New Delhi: Finance Minister Arun Jaitley on Thursday rejected demands, including from ally Shiv Sena, for rollback of one per cent excise duty on non-silver jewellery and asserted that jewellers will have to pay taxes.
He said in the Lok Sabha that the government had already constituted a committee over the issue and parliamentarians could give their suggestions to it so that rules related to it could be simplified.
“Tax will have to be paid. But we will ensure that there is no harassment of jewellers,” Jaitley said during his reply to a discussion on the Finance Bill.
He also brushed aside the demand made by Deepender Hooda of Congress for exempting jewellers based in rural areas, saying the income threshold is so high for the jewellers eligible to pay the tax that those based in villages will not be covered by it.
Luxury goods like jewellery cannot be kept out of the purview of the one percent excise duty when the country was moving towards the GST regime, the minister said.
Jaitley also took a jibe at Congress over its concerns for the jewellers based in villages, noting it had come out with 80-20 scheme in 2012-13 to regulate gold import and questioned where its concern for them was then.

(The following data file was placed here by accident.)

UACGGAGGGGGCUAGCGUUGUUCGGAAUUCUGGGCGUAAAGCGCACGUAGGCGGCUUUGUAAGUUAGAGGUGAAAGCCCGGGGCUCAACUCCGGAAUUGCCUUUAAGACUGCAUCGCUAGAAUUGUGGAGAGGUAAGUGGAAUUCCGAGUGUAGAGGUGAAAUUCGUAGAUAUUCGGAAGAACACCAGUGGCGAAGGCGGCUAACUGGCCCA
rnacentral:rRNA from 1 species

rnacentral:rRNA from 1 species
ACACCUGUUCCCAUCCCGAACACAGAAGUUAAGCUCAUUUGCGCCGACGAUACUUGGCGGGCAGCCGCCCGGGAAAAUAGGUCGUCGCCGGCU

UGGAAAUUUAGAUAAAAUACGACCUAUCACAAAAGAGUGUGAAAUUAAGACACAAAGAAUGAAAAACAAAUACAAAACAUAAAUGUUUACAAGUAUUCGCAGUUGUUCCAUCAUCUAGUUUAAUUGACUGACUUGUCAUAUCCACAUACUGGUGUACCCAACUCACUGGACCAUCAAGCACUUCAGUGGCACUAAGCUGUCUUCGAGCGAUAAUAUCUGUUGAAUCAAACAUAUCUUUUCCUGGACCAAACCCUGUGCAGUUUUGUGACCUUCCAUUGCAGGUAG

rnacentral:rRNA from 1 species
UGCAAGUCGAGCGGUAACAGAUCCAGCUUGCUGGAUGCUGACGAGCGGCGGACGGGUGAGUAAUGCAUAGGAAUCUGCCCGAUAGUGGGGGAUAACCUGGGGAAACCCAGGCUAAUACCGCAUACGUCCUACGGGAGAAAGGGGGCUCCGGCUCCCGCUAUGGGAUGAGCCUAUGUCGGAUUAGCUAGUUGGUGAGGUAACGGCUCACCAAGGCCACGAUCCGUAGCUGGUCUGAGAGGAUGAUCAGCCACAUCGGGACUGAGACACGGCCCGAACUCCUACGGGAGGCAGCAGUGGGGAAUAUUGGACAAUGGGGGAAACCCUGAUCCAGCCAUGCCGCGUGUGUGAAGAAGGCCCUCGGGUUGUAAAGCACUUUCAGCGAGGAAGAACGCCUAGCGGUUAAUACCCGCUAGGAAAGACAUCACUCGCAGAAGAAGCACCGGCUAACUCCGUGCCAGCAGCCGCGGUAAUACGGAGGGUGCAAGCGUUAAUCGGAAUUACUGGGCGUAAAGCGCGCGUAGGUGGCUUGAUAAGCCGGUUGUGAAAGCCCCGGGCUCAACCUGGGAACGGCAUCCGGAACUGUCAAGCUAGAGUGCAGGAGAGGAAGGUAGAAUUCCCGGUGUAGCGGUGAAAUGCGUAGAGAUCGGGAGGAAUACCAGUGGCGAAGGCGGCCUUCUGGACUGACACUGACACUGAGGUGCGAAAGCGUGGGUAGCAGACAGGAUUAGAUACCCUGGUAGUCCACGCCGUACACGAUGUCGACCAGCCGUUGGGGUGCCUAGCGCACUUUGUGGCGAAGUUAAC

If Congress is concerned about tax on gold, then it should have decreased the 5 per cent VAT on it in Kerala when it is one per cent in other states, Jaitley said.
The government spends over Rs 2.5 lakh crore from its foreign exchange for the import of over 1100 tonnes of gold annually. Ever since the levy of one per cent cess on non-silver jewellery was announced in the Budget, there have been protests by the jewellers and demands for rollback by MPs as well.
Even NDA ally Shiv Sena on Wednesday demanded the rollback, saying the government should shed its “ego” and decide on it as prime minister Narendra Modi had himself opposed levying it in the past.
“I do not understand the logic behind imposing excise duty on jewellery. Once GST comes in, central excise will get abolished then what is the necessity of imposing it now…Government should intropect it, it should be rolled back,” Shiv Sena member Arvind Sawant said in the House on Wednesday.
Participating in the discussion on the Finance Bill, Sawant said the levy was imposed even earlier in 2005, 2012 and was withdrawn following protest.
“We were the people who opposed it, including the present prime minister… It should be rolled back… just like the EPFO decision. There is no ego issue,” he said.